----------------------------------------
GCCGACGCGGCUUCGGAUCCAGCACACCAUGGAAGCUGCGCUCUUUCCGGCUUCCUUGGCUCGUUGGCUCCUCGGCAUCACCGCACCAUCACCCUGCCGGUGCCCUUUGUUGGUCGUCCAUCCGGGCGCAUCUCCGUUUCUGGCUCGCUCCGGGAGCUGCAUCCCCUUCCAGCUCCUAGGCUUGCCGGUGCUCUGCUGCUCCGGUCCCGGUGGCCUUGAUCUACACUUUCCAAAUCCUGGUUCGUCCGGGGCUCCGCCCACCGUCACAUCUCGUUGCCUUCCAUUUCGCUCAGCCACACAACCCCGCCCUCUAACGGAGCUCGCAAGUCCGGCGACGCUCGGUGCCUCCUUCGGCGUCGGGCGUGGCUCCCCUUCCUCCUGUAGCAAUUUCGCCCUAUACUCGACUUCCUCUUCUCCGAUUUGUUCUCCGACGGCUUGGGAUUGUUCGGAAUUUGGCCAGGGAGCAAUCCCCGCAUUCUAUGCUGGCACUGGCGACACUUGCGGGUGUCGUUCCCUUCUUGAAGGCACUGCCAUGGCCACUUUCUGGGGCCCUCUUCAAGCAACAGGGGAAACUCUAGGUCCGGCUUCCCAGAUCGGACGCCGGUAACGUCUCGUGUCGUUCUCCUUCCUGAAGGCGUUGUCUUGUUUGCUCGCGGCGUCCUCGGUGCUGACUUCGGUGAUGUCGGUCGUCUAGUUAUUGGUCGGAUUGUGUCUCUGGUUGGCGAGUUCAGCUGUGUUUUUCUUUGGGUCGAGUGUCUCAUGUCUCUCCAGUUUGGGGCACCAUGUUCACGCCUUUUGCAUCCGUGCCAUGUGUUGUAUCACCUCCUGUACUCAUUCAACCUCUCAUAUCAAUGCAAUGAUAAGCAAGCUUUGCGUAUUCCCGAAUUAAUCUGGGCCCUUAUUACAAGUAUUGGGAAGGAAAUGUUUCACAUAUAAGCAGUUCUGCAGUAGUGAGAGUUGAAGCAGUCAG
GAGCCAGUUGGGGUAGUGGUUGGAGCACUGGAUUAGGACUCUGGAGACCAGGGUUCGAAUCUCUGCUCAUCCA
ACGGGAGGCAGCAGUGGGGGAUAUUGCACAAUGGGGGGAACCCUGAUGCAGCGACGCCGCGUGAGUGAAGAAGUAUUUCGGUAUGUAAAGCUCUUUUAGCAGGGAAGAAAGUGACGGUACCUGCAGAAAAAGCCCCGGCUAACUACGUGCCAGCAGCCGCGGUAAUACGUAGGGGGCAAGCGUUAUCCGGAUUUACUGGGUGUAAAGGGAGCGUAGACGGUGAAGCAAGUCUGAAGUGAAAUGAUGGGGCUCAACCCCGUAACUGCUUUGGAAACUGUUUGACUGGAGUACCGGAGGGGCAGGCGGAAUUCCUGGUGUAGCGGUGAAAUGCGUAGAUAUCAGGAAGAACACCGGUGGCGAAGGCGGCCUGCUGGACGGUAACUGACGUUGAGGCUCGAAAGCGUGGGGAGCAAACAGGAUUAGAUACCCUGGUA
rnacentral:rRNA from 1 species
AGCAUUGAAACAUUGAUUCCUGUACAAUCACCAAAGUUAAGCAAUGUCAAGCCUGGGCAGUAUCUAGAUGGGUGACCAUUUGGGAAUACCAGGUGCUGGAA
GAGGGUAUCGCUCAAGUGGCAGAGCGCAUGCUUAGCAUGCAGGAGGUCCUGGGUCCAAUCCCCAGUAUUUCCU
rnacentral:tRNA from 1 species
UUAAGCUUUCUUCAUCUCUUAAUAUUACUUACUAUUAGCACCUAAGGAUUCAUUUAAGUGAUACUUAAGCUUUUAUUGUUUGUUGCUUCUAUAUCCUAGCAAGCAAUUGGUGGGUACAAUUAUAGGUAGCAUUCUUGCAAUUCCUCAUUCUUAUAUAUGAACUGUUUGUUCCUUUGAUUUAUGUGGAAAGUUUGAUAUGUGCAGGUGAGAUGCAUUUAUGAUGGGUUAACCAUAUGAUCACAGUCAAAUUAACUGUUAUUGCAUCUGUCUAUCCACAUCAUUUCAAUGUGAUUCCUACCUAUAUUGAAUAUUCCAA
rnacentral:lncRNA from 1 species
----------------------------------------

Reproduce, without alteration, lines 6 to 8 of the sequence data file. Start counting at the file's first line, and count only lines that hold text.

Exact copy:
GAGGGUAUCGCUCAAGUGGCAGAGCGCAUGCUUAGCAUGCAGGAGGUCCUGGGUCCAAUCCCCAGUAUUUCCU
rnacentral:tRNA from 1 species
UUAAGCUUUCUUCAUCUCUUAAUAUUACUUACUAUUAGCACCUAAGGAUUCAUUUAAGUGAUACUUAAGCUUUUAUUGUUUGUUGCUUCUAUAUCCUAGCAAGCAAUUGGUGGGUACAAUUAUAGGUAGCAUUCUUGCAAUUCCUCAUUCUUAUAUAUGAACUGUUUGUUCCUUUGAUUUAUGUGGAAAGUUUGAUAUGUGCAGGUGAGAUGCAUUUAUGAUGGGUUAACCAUAUGAUCACAGUCAAAUUAACUGUUAUUGCAUCUGUCUAUCCACAUCAUUUCAAUGUGAUUCCUACCUAUAUUGAAUAUUCCAA